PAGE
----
The energy landscape has changed and last year’s obstacles may have shifted for 100 percent clean energy, grid expansion and a storage program.
The road ahead looks clearer for clean energy bills that stalled in Sacramento last year.
California has championed clean energy and climate change mitigation, but legislators last year failed to pass SB 100, a 100 percent clean energy bill authored by Senate leader Kevin De León and supported by Governor Jerry Brown. The bill would increase the state’s renewable energy goal to 60 percent by 2030, and require entirely carbon-free electricity by 2045.
A different bill to regionalize the California grid faltered last year, and one to create a long-term funding program for energy storage disappeared from the agenda before a vote last July.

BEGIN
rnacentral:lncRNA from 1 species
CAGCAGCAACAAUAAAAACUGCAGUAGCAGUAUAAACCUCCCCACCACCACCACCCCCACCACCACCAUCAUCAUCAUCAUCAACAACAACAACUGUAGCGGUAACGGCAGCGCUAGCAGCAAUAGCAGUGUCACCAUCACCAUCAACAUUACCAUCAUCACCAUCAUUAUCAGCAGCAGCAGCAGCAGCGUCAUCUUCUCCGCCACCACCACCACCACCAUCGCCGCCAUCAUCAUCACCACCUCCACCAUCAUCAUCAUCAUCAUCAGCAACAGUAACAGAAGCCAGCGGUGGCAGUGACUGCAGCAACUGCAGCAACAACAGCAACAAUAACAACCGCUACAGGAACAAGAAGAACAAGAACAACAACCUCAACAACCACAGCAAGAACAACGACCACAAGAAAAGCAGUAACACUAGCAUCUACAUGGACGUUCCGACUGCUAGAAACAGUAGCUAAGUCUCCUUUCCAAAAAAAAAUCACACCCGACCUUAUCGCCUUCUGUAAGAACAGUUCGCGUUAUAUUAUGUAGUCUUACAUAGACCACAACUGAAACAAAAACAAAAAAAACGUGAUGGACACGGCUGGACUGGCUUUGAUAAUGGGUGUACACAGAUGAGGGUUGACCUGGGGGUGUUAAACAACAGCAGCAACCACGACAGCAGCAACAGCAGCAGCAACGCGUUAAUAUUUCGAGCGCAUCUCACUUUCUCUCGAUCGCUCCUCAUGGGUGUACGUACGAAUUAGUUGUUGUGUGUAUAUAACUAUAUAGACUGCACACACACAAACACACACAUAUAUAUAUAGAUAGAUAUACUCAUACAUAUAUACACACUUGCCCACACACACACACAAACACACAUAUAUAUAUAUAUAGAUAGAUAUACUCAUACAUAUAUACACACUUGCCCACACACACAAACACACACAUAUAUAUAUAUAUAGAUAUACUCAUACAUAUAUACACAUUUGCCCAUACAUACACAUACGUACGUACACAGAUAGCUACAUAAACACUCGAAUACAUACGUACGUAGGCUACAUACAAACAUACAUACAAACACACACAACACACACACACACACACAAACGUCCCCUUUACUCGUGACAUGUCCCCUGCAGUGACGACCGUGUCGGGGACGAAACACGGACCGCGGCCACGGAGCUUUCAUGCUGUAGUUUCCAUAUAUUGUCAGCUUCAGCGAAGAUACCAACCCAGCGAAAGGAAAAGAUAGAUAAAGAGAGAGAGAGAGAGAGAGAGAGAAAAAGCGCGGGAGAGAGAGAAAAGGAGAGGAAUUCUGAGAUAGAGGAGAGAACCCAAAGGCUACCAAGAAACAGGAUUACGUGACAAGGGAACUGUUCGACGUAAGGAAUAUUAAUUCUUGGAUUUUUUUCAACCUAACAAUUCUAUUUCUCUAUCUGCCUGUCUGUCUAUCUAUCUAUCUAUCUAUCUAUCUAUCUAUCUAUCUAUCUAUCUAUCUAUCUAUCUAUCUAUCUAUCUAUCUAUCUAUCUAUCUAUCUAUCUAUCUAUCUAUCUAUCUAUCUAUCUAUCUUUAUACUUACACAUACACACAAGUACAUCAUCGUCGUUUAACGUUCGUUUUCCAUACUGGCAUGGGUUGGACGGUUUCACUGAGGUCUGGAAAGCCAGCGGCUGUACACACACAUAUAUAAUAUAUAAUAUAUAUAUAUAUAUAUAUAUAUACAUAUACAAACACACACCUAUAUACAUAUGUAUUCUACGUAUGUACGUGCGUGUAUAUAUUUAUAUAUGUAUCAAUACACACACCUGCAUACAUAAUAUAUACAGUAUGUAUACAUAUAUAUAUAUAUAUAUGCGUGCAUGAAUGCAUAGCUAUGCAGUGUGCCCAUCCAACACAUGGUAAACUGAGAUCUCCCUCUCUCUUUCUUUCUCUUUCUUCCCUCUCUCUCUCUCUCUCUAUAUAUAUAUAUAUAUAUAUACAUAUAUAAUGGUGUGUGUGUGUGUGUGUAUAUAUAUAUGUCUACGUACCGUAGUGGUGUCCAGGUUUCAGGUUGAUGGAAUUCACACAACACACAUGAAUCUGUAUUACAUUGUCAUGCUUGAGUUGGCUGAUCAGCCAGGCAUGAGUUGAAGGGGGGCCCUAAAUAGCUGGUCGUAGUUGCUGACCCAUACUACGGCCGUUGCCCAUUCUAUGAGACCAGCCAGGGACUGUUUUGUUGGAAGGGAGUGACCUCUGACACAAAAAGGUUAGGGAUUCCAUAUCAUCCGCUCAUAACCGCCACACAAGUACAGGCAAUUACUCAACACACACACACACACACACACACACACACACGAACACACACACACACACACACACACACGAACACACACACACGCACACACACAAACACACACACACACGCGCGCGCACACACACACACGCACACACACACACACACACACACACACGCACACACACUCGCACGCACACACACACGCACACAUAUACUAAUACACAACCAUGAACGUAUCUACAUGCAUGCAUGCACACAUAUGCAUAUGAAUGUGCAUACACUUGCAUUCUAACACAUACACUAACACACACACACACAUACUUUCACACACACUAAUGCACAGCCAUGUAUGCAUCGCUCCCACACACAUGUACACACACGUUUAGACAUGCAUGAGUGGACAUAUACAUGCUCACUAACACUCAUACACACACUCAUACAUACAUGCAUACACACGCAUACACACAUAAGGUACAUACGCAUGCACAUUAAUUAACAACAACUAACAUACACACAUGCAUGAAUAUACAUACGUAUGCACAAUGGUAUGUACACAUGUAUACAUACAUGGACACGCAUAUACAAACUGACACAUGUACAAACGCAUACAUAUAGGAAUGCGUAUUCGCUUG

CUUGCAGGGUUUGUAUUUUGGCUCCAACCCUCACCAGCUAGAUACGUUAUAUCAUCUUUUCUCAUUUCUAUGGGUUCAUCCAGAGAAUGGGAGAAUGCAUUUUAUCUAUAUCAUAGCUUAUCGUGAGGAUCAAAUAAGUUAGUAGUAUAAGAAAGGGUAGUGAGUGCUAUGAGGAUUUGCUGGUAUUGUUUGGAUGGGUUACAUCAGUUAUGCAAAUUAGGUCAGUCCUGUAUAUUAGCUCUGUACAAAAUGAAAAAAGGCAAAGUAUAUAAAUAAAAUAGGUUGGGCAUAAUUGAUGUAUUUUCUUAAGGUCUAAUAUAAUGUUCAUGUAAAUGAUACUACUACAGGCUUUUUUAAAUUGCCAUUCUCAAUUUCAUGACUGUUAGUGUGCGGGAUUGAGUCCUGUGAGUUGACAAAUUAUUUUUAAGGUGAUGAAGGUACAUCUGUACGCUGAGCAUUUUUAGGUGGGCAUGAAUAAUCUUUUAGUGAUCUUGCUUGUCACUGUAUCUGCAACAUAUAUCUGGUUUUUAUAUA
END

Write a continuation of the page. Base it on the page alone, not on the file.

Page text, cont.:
All three have returned to the hearing agenda this June, and evidence suggests old sources of opposition are receding.
In Democrat-controlled Sacramento, utilities, utility workers, environmentalists and clean energy industry groups all vie for influence to achieve their policy goals. In the past, utility workers’ unions sought to protect distribution grid jobs with amendments that would impede the growth of third-party owned distributed energy resources, which present an alternative to traditional utility investments.
Such opposition helped scuttle De León’s bill last time. But multiple sources in Sacramento told GTM that such amendments aren’t expected on SB 100 this year. The bill is scheduled for a committee hearing July 3.
“I’m cautiously optimistic — I think we have a shot of continuing California’s leadership on clean energy and working with all parties to make it happen,” said Dan Jacobson, state director for Environment California.
The grid regionalization bill, AB 813, passed out of committee Tuesday. It aims to create a broader electricity system for trading renewable energy, with major ramifications for the state’s electricity system.